GARRETT v. THE STATE

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Court of Appeals of Georgia.

GARRETT v. THE STATE.

A10A1074.

Decided: May 17, 2010

Willie Frank Garrett was convicted of several crimes in connection with an altercation with peace officers while he was incarcerated at the Floyd County jail.   On appeal, he contends two of the counts should have been merged into a third for the purpose of sentencing.

Construed in favor of the verdict, the evidence shows that on July 9, 2004, Garrett was upset with Deputy Chris Hall and he became abusive and threatened to harm Hall. Hall escorted Garrett back to his cell by the arm, and Garrett continued to curse and threaten Hall. For safety reasons, Hall and two other deputies tried to restrain Garrett so that he could be taken to solitary confinement.   During that effort, Garrett got Hall in a “bear-hug” which “cut the air off of [his] breathing.”   Over Garrett's resistance, the deputies got handcuffs on one of Garrett's arms.   Garrett then struck Hall in the face with the handcuffs and further attacked Hall before deputies were able to restrain him.   Hall was injured on his face, head, chest, arms, and knees.

Garrett was tried by a jury and found guilty on seven counts of criminal conduct.   He contends that both Count 3-aggravated assault-and Count 6-obstruction of an officer-should be merged into Count 4-aggravated assault upon a peace officer-because they were all proven with the same facts.   This argument implicates the Blockburger “required evidence” test:

(t)he “required evidence” test ․ applies strictly within the context of determining whether multiple convictions are precluded because one of the crimes was “established by proof of the same or less than all the facts” that were required to establish the other crime under OCGA § 16-1-6(1).

(Citation omitted, emphasis in original).  Stepp v. State, 286 Ga. 556, 557 (690 S.E.2d 161) (2010) (contrasting certain “additional statutory provisions concerning prohibitions against multiple convictions for closely related offenses”), quoting Drinkard v. Walker, 281 Ga. 211 (636 S.E.2d 530) (2006).   See also Blockburger v. United States, 284 U.S. 299, 304 (52 SC 180, 76 LE 306) (1932).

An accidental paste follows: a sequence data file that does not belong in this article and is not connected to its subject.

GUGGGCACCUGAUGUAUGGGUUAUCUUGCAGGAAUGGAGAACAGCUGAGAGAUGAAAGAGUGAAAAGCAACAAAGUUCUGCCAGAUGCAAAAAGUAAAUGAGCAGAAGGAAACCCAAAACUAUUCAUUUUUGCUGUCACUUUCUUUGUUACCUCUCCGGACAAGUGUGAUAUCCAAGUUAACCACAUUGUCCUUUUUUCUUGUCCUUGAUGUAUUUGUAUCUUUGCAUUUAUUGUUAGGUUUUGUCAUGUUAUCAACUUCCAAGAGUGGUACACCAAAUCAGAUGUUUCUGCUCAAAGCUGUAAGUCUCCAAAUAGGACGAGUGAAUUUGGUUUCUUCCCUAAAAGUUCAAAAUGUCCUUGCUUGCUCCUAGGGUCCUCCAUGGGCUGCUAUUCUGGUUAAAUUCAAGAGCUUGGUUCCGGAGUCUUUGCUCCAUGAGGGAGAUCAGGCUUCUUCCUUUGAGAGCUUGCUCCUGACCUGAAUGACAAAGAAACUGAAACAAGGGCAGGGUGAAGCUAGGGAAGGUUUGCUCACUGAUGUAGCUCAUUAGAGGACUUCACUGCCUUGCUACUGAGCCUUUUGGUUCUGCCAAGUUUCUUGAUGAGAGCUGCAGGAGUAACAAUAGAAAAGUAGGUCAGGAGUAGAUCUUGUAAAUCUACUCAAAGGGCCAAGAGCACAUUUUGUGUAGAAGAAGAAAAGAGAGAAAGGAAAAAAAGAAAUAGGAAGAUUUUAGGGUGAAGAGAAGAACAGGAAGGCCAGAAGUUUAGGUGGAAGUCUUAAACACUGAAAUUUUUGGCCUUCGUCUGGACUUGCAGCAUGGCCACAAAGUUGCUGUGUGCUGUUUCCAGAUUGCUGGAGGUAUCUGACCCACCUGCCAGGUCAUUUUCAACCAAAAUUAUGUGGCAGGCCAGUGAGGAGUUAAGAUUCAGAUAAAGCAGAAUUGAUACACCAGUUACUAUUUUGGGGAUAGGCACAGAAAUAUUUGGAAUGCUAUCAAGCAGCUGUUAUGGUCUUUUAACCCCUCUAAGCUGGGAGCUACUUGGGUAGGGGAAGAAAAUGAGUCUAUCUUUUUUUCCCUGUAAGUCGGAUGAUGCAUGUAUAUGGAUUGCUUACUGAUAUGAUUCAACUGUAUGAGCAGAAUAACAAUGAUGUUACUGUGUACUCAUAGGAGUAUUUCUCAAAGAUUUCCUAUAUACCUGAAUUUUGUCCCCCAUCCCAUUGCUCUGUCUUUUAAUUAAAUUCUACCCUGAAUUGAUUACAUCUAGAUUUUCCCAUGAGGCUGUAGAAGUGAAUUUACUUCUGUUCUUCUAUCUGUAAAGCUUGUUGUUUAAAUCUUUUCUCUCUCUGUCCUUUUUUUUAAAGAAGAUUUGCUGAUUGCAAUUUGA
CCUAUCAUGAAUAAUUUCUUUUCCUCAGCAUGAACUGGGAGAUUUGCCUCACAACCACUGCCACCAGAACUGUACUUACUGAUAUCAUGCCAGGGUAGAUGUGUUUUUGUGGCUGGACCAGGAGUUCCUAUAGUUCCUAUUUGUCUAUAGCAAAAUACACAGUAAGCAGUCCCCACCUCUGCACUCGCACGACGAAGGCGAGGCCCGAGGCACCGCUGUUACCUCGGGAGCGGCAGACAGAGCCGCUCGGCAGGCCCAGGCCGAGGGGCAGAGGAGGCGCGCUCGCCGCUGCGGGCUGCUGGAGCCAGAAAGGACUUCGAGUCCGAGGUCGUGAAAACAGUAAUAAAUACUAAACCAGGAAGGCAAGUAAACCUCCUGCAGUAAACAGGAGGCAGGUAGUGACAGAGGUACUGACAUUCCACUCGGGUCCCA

Under the required evidence analysis, “ the test to be applied to determine whether there are two offenses or only one, is whether each [statutory] provision requires proof of a fact which the other does not.  [Cit.]” Drinkard v. Walker, 281 Ga. at 215.   See also OCGA § 16-1-6(1).

(a) In Count 3, Garrett was charged with aggravated assault for assaulting Hall “with an object which was likely to result in serious bodily injury to said person, to wit:  the hands, arms and body of the accused choking said person.”   In Count 4, he was charged with the exact same aggravated assault-assaulting Hall “with an object which was likely to result in serious bodily injury to said person, to wit:  The hands, arms and body of the accused choking said person,” but this time with the added allegation that he did so “knowing said person was a peace officer and correctional officer engaged in the performance of his official duties.”

Aggravated assault is defined in OCGA § 16-5-21(a).   Aggravated assault on a peace officer is found in OCGA § 16-5-21(c).  It is a separate and distinct crime from aggravated assault, but the only difference is that knowledge of the fact that the victim was a police officer is an essential element of the crime.   See Bundren v. State, 247 Ga. 180, 181(2) (274 S.E.2d 455) (1981).   Here, the physical act as charged, as well as the victim, were the same for both counts.   The only required proof that differed in Count 4 was the proof that Garrett knew he was assaulting a police officer.   Thus the conviction on Count 3 was “established by proof of the same or less than all the facts” that were required to establish the conviction on Count 4. The two crimes must be merged for sentencing.

(b) In Count 6, Garrett was charged with obstruction of an officer in that he did “knowingly and willfully obstruct, resist and oppose [Hall and another officer], a law enforcement officer and correctional officer ․ by offering and doing violence to the person of said officer ․” Here Garrett argues that the conviction of obstruction should merge into the conviction of aggravated assault on a peace officer because the former is included in the other in violation of OCGA §§ 16-1-7(a)(1) and 16-1-6(1).   But merger is not required where the two crimes “are based on more than one separate act or transaction.”  Yates v. State, 298 Ga.App. 727, 730(3) (681 S.E.2d 190) (2009).  “[I]f one crime is complete before the other takes place, the two crimes do not merge.”  (Citation and punctuation omitted.)  John v. State, 282 Ga. 792, 795(6) (653 S.E.2d 435) (2007).

Here, the evidence shows that Garrett first choked Hall then separately hit him with the handcuffs.   Thus the trial judge was authorized to conclude that the choking and the beating with the handcuffs were separate completed crimes.   See, e.g., Yates, 298 Ga.App. at 731, and cases cited therein.   The court was not required to merge Count 6 into Count 4.

Accordingly, we vacate the conviction on Count 3 and the sentence on Count 4 and remand for resentencing consistent with this opinion.   See Coleman v. State, 286 Ga. 291, 295(3) (687 S.E.2d 427) (2009) (same remedy);  Taylor v. State, _ Ga.App. _ (1) (Case No. A10A0303,

) (vacating conviction and sentence);  Williams v. State, _ Ga. _ (Case No. S10A0467,

) (claim that conviction merged is a claim challenging conviction not just sentence).

Judgment affirmed in part and vacated in part, and case remanded for resentencing.   Smith, P. J., and Mikell, J., concur.

Adams, Judge.